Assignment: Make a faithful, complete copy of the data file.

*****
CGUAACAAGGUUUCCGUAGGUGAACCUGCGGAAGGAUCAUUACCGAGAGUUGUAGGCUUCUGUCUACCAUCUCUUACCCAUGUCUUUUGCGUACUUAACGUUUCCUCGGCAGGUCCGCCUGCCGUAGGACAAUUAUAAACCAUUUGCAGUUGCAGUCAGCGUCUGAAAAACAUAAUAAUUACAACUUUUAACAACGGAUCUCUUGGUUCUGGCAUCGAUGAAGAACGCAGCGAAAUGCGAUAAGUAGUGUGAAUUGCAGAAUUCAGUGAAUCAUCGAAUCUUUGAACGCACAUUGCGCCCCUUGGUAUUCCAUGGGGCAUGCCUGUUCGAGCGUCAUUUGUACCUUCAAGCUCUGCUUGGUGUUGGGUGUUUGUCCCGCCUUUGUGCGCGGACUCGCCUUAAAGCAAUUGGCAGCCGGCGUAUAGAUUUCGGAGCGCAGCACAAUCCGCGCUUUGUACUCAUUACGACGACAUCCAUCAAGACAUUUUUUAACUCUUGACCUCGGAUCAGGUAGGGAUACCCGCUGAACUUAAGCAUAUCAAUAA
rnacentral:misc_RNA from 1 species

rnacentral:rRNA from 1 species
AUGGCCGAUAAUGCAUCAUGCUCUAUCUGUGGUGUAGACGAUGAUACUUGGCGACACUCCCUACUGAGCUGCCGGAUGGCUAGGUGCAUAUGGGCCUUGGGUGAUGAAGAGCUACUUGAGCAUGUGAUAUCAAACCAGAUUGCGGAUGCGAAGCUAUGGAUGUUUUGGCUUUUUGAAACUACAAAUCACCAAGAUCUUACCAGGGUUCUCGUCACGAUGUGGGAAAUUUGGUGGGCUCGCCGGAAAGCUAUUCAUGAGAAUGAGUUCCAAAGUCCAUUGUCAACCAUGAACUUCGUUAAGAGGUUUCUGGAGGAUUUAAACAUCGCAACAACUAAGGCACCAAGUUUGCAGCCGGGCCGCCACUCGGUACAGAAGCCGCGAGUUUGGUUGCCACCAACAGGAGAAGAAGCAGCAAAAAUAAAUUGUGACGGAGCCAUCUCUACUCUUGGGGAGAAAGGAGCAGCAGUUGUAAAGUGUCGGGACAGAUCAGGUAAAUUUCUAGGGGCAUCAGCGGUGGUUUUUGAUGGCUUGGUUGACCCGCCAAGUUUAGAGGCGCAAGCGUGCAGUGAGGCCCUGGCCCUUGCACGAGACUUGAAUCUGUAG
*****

CGUAACAAGGUUUCCGUAGGUGAACCUGCGGAAGGAUCAUUACCGAGAGUUGUAGGCUUCUGUCUACCAUCUCUUACCCAUGUCUUUUGCGUACUUAACGUUUCCUCGGCAGGUCCGCCUGCCGUAGGACAAUUAUAAACCAUUUGCAGUUGCAGUCAGCGUCUGAAAAACAUAAUAAUUACAACUUUUAACAACGGAUCUCUUGGUUCUGGCAUCGAUGAAGAACGCAGCGAAAUGCGAUAAGUAGUGUGAAUUGCAGAAUUCAGUGAAUCAUCGAAUCUUUGAACGCACAUUGCGCCCCUUGGUAUUCCAUGGGGCAUGCCUGUUCGAGCGUCAUUUGUACCUUCAAGCUCUGCUUGGUGUUGGGUGUUUGUCCCGCCUUUGUGCGCGGACUCGCCUUAAAGCAAUUGGCAGCCGGCGUAUAGAUUUCGGAGCGCAGCACAAUCCGCGCUUUGUACUCAUUACGACGACAUCCAUCAAGACAUUUUUUAACUCUUGACCUCGGAUCAGGUAGGGAUACCCGCUGAACUUAAGCAUAUCAAUAA
rnacentral:misc_RNA from 1 species

rnacentral:rRNA from 1 species
AUGGCCGAUAAUGCAUCAUGCUCUAUCUGUGGUGUAGACGAUGAUACUUGGCGACACUCCCUACUGAGCUGCCGGAUGGCUAGGUGCAUAUGGGCCUUGGGUGAUGAAGAGCUACUUGAGCAUGUGAUAUCAAACCAGAUUGCGGAUGCGAAGCUAUGGAUGUUUUGGCUUUUUGAAACUACAAAUCACCAAGAUCUUACCAGGGUUCUCGUCACGAUGUGGGAAAUUUGGUGGGCUCGCCGGAAAGCUAUUCAUGAGAAUGAGUUCCAAAGUCCAUUGUCAACCAUGAACUUCGUUAAGAGGUUUCUGGAGGAUUUAAACAUCGCAACAACUAAGGCACCAAGUUUGCAGCCGGGCCGCCACUCGGUACAGAAGCCGCGAGUUUGGUUGCCACCAACAGGAGAAGAAGCAGCAAAAAUAAAUUGUGACGGAGCCAUCUCUACUCUUGGGGAGAAAGGAGCAGCAGUUGUAAAGUGUCGGGACAGAUCAGGUAAAUUUCUAGGGGCAUCAGCGGUGGUUUUUGAUGGCUUGGUUGACCCGCCAAGUUUAGAGGCGCAAGCGUGCAGUGAGGCCCUGGCCCUUGCACGAGACUUGAAUCUGUAG